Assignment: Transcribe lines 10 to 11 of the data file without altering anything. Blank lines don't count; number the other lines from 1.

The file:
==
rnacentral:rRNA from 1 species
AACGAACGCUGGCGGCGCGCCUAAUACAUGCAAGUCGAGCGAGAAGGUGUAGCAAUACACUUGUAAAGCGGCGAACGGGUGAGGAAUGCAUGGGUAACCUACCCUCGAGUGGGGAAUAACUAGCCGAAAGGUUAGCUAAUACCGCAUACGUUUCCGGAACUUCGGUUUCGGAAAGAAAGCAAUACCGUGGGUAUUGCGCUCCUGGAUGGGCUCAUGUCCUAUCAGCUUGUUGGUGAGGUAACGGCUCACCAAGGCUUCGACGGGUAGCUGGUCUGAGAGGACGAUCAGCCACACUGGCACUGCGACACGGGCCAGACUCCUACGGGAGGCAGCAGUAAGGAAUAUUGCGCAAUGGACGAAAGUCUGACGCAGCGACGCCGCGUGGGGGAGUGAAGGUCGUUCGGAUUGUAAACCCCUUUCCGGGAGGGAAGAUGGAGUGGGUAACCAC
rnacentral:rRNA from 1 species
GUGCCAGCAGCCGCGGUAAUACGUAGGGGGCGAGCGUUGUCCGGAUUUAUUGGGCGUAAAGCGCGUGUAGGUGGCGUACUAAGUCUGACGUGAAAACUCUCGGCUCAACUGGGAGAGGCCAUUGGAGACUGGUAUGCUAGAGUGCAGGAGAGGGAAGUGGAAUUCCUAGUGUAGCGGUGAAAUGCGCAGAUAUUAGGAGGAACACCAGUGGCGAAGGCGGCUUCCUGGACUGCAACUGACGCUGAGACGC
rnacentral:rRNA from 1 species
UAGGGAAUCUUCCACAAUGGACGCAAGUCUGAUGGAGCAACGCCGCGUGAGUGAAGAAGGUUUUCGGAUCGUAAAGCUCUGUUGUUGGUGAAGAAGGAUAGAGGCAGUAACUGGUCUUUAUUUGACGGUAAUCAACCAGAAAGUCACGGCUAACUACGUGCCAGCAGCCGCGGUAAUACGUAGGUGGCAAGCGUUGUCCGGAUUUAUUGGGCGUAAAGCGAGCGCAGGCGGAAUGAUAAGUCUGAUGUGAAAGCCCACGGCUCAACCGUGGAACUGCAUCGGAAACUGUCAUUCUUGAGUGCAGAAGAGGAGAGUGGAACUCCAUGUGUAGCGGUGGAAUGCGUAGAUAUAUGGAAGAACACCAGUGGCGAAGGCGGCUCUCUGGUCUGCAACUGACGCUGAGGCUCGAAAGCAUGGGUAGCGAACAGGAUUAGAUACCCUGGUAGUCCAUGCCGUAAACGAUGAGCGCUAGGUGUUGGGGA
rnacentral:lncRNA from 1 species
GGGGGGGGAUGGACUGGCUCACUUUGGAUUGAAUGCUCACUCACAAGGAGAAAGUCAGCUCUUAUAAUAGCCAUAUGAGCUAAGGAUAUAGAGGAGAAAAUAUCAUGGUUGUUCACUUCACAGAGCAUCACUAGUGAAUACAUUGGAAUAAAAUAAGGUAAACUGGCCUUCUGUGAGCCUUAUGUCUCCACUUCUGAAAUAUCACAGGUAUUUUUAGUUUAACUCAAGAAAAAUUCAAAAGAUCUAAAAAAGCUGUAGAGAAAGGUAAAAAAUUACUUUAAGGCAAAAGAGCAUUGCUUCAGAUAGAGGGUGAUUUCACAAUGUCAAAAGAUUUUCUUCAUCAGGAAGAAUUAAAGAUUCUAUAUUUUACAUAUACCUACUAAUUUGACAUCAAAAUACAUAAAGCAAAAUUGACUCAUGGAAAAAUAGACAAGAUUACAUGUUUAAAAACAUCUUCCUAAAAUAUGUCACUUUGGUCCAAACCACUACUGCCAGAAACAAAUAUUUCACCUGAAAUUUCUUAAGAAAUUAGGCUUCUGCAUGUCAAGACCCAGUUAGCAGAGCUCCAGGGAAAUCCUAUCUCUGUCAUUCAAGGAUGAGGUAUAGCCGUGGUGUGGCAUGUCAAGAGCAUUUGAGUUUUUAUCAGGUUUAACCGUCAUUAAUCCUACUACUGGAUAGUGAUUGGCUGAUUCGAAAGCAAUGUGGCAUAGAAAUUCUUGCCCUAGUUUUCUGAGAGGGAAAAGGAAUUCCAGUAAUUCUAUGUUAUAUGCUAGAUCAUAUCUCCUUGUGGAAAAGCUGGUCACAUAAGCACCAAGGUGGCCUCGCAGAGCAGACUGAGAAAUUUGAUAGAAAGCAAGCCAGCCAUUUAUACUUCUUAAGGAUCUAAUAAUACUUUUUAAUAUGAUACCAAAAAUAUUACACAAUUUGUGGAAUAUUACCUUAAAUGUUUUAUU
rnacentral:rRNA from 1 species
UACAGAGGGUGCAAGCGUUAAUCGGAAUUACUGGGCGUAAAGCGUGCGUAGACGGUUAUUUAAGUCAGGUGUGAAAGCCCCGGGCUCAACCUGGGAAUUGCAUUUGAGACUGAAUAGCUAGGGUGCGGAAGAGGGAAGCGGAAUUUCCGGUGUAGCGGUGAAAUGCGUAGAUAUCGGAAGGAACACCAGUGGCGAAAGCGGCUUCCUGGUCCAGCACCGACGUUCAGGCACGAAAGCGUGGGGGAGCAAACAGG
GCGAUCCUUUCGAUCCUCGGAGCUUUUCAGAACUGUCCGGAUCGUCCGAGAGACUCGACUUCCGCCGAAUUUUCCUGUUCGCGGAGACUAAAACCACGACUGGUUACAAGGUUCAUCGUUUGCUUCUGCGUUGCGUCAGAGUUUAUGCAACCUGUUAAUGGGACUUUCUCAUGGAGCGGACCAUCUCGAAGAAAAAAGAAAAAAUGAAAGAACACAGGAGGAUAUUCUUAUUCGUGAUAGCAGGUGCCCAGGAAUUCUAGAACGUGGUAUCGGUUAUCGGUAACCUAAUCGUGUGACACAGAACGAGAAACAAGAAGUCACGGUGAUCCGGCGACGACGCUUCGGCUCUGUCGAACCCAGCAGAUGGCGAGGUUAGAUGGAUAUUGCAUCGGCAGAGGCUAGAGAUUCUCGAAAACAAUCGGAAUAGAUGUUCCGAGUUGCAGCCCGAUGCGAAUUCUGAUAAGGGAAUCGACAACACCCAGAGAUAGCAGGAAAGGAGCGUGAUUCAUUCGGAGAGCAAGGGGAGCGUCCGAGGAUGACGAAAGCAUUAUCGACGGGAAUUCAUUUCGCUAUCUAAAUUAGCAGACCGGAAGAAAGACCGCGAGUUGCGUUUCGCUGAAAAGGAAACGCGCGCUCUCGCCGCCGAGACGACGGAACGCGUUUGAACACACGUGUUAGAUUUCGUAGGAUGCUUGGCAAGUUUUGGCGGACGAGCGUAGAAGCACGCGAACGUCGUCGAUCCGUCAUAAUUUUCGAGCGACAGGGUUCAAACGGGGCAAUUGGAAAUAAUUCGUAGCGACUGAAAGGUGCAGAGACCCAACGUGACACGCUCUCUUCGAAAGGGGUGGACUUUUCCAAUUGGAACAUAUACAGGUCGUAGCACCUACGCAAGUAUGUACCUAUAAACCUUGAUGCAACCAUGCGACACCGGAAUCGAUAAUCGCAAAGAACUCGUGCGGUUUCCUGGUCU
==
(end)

UACAGAGGGUGCAAGCGUUAAUCGGAAUUACUGGGCGUAAAGCGUGCGUAGACGGUUAUUUAAGUCAGGUGUGAAAGCCCCGGGCUCAACCUGGGAAUUGCAUUUGAGACUGAAUAGCUAGGGUGCGGAAGAGGGAAGCGGAAUUUCCGGUGUAGCGGUGAAAUGCGUAGAUAUCGGAAGGAACACCAGUGGCGAAAGCGGCUUCCUGGUCCAGCACCGACGUUCAGGCACGAAAGCGUGGGGGAGCAAACAGG
GCGAUCCUUUCGAUCCUCGGAGCUUUUCAGAACUGUCCGGAUCGUCCGAGAGACUCGACUUCCGCCGAAUUUUCCUGUUCGCGGAGACUAAAACCACGACUGGUUACAAGGUUCAUCGUUUGCUUCUGCGUUGCGUCAGAGUUUAUGCAACCUGUUAAUGGGACUUUCUCAUGGAGCGGACCAUCUCGAAGAAAAAAGAAAAAAUGAAAGAACACAGGAGGAUAUUCUUAUUCGUGAUAGCAGGUGCCCAGGAAUUCUAGAACGUGGUAUCGGUUAUCGGUAACCUAAUCGUGUGACACAGAACGAGAAACAAGAAGUCACGGUGAUCCGGCGACGACGCUUCGGCUCUGUCGAACCCAGCAGAUGGCGAGGUUAGAUGGAUAUUGCAUCGGCAGAGGCUAGAGAUUCUCGAAAACAAUCGGAAUAGAUGUUCCGAGUUGCAGCCCGAUGCGAAUUCUGAUAAGGGAAUCGACAACACCCAGAGAUAGCAGGAAAGGAGCGUGAUUCAUUCGGAGAGCAAGGGGAGCGUCCGAGGAUGACGAAAGCAUUAUCGACGGGAAUUCAUUUCGCUAUCUAAAUUAGCAGACCGGAAGAAAGACCGCGAGUUGCGUUUCGCUGAAAAGGAAACGCGCGCUCUCGCCGCCGAGACGACGGAACGCGUUUGAACACACGUGUUAGAUUUCGUAGGAUGCUUGGCAAGUUUUGGCGGACGAGCGUAGAAGCACGCGAACGUCGUCGAUCCGUCAUAAUUUUCGAGCGACAGGGUUCAAACGGGGCAAUUGGAAAUAAUUCGUAGCGACUGAAAGGUGCAGAGACCCAACGUGACACGCUCUCUUCGAAAGGGGUGGACUUUUCCAAUUGGAACAUAUACAGGUCGUAGCACCUACGCAAGUAUGUACCUAUAAACCUUGAUGCAACCAUGCGACACCGGAAUCGAUAAUCGCAAAGAACUCGUGCGGUUUCCUGGUCU